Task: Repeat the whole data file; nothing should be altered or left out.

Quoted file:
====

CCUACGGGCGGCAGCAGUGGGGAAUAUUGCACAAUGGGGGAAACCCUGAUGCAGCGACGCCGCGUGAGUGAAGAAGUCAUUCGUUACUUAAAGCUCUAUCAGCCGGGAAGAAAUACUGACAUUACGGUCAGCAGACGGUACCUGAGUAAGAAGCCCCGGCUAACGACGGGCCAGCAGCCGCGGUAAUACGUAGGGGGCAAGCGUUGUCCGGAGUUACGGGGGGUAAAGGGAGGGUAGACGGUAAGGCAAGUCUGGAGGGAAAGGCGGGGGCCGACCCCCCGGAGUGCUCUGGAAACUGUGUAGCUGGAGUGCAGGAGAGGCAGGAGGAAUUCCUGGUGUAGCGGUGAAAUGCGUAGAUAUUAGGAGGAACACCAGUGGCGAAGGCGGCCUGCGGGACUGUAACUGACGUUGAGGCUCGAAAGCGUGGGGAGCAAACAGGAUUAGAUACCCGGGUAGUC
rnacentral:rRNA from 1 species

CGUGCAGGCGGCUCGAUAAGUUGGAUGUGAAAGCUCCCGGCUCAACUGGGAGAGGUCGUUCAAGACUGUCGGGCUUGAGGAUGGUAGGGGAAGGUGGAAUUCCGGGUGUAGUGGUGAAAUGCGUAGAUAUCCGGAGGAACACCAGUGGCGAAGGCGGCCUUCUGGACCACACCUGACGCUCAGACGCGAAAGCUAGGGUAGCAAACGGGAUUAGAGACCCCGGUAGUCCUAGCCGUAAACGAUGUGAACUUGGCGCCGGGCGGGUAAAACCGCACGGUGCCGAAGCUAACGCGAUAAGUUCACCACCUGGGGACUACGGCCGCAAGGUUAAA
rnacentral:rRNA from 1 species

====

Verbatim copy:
CCUACGGGCGGCAGCAGUGGGGAAUAUUGCACAAUGGGGGAAACCCUGAUGCAGCGACGCCGCGUGAGUGAAGAAGUCAUUCGUUACUUAAAGCUCUAUCAGCCGGGAAGAAAUACUGACAUUACGGUCAGCAGACGGUACCUGAGUAAGAAGCCCCGGCUAACGACGGGCCAGCAGCCGCGGUAAUACGUAGGGGGCAAGCGUUGUCCGGAGUUACGGGGGGUAAAGGGAGGGUAGACGGUAAGGCAAGUCUGGAGGGAAAGGCGGGGGCCGACCCCCCGGAGUGCUCUGGAAACUGUGUAGCUGGAGUGCAGGAGAGGCAGGAGGAAUUCCUGGUGUAGCGGUGAAAUGCGUAGAUAUUAGGAGGAACACCAGUGGCGAAGGCGGCCUGCGGGACUGUAACUGACGUUGAGGCUCGAAAGCGUGGGGAGCAAACAGGAUUAGAUACCCGGGUAGUC
rnacentral:rRNA from 1 species

CGUGCAGGCGGCUCGAUAAGUUGGAUGUGAAAGCUCCCGGCUCAACUGGGAGAGGUCGUUCAAGACUGUCGGGCUUGAGGAUGGUAGGGGAAGGUGGAAUUCCGGGUGUAGUGGUGAAAUGCGUAGAUAUCCGGAGGAACACCAGUGGCGAAGGCGGCCUUCUGGACCACACCUGACGCUCAGACGCGAAAGCUAGGGUAGCAAACGGGAUUAGAGACCCCGGUAGUCCUAGCCGUAAACGAUGUGAACUUGGCGCCGGGCGGGUAAAACCGCACGGUGCCGAAGCUAACGCGAUAAGUUCACCACCUGGGGACUACGGCCGCAAGGUUAAA
rnacentral:rRNA from 1 species